If one of the goals of your organization is to reduce the amount of time it takes to locate a specific asset, track how many keyword searches produce zero results. This statistic allows your team to monitor your progress over time in achieving that goal. It also helps your team diagnose problems. If search time is high, but results are low, perhaps your folder structure is complicated and employees have a hard time navigating it. If both search time and results are high, you may need to invest in tagging some of your assets with metadata or standardize your organization’s controlled vocabulary to make it easier to find particular assets.
3. Assets without Metadata
Adding metadata keywords to your assets in a standardized way can make a huge difference in the searchability of your library. Throughout this effort, track the number of assets without metadata in your DAM system. Hopefully, the number will decrease and stay low. However, if the number rises following your initial round of tagging, you may need to hold your creators or uploaders more accountable for tagging assets as they’re moved into your library.
4. Most shared Assets
Many organizations have external partners, vendors, and clients they share assets with. If this is your situation, track the assets you share with these external parties. This information allows you to identify what kinds of assets are most important to your partners and clients so you can focus on creating the most valuable kinds of content for them.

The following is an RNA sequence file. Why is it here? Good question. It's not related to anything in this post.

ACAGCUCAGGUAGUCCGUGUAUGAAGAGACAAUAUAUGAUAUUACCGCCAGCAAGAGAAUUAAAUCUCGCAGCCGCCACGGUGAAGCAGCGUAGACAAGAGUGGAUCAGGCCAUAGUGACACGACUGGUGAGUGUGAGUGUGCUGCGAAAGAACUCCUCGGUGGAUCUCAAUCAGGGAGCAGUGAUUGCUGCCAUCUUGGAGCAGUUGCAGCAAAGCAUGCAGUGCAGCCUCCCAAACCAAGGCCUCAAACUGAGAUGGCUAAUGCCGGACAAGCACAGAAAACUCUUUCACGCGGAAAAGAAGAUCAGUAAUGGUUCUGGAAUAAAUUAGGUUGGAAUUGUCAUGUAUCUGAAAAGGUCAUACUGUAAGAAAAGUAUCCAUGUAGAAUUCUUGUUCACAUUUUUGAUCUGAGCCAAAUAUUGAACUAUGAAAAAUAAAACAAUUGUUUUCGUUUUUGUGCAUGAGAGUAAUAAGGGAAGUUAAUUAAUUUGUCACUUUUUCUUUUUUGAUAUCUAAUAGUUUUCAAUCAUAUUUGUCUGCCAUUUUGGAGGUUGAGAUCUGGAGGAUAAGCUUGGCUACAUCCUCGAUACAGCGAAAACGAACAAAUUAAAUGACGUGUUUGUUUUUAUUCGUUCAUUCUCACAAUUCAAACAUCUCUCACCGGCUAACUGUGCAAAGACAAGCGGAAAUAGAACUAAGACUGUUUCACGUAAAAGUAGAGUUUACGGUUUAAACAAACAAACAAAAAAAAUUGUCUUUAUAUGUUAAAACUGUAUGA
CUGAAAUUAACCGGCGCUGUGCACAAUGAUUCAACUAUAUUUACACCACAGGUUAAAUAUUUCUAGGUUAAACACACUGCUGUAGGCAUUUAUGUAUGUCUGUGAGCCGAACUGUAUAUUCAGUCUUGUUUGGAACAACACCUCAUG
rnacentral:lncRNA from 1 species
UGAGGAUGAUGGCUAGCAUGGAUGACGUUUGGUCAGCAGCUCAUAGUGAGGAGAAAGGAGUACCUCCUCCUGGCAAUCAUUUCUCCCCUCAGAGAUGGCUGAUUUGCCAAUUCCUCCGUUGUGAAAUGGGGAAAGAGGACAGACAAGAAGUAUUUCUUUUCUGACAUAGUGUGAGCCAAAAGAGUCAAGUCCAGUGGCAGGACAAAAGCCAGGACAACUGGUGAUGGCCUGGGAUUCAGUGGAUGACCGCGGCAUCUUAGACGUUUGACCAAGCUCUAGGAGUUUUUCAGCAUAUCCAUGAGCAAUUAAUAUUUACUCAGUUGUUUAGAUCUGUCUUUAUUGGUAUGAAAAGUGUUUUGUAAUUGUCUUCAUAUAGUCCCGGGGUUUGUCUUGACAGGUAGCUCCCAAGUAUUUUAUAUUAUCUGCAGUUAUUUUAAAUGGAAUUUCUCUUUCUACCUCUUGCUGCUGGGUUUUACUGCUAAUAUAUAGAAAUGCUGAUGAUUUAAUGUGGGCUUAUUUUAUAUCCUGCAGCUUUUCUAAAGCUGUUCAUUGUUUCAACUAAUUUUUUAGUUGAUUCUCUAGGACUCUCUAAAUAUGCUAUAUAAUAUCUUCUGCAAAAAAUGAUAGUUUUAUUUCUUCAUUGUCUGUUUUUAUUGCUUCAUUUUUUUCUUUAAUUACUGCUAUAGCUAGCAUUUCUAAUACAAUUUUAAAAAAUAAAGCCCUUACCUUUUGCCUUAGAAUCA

5. Monthly, Weekly, or Daily Asset Requests
Along with tracking which assets are downloaded and shared most, it’s beneficial to know how often assets are requested and by whom. With this information, you’ll know what groups within your organization use which assets. You can then tune your system and standards to meet the needs of your end-users more effectively.
Every organization is different and has some unique key performance indicators. Take the time when developing your goals and objectives to decide how they’ll be tracked and visualized, how regularly you'll pull statistics, and from where. If you need help in this process, contact Stacks today!